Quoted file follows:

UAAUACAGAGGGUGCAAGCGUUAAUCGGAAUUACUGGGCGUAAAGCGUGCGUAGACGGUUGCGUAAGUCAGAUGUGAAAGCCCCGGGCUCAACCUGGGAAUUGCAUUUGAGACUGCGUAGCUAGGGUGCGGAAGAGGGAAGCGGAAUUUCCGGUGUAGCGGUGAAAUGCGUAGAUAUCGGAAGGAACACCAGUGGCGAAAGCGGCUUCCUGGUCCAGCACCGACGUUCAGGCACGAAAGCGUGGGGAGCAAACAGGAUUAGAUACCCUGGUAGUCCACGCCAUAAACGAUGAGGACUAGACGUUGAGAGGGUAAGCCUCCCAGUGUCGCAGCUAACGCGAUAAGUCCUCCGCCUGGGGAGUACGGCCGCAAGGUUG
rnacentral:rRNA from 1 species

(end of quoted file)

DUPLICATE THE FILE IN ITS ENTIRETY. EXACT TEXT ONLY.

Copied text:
UAAUACAGAGGGUGCAAGCGUUAAUCGGAAUUACUGGGCGUAAAGCGUGCGUAGACGGUUGCGUAAGUCAGAUGUGAAAGCCCCGGGCUCAACCUGGGAAUUGCAUUUGAGACUGCGUAGCUAGGGUGCGGAAGAGGGAAGCGGAAUUUCCGGUGUAGCGGUGAAAUGCGUAGAUAUCGGAAGGAACACCAGUGGCGAAAGCGGCUUCCUGGUCCAGCACCGACGUUCAGGCACGAAAGCGUGGGGAGCAAACAGGAUUAGAUACCCUGGUAGUCCACGCCAUAAACGAUGAGGACUAGACGUUGAGAGGGUAAGCCUCCCAGUGUCGCAGCUAACGCGAUAAGUCCUCCGCCUGGGGAGUACGGCCGCAAGGUUG
rnacentral:rRNA from 1 species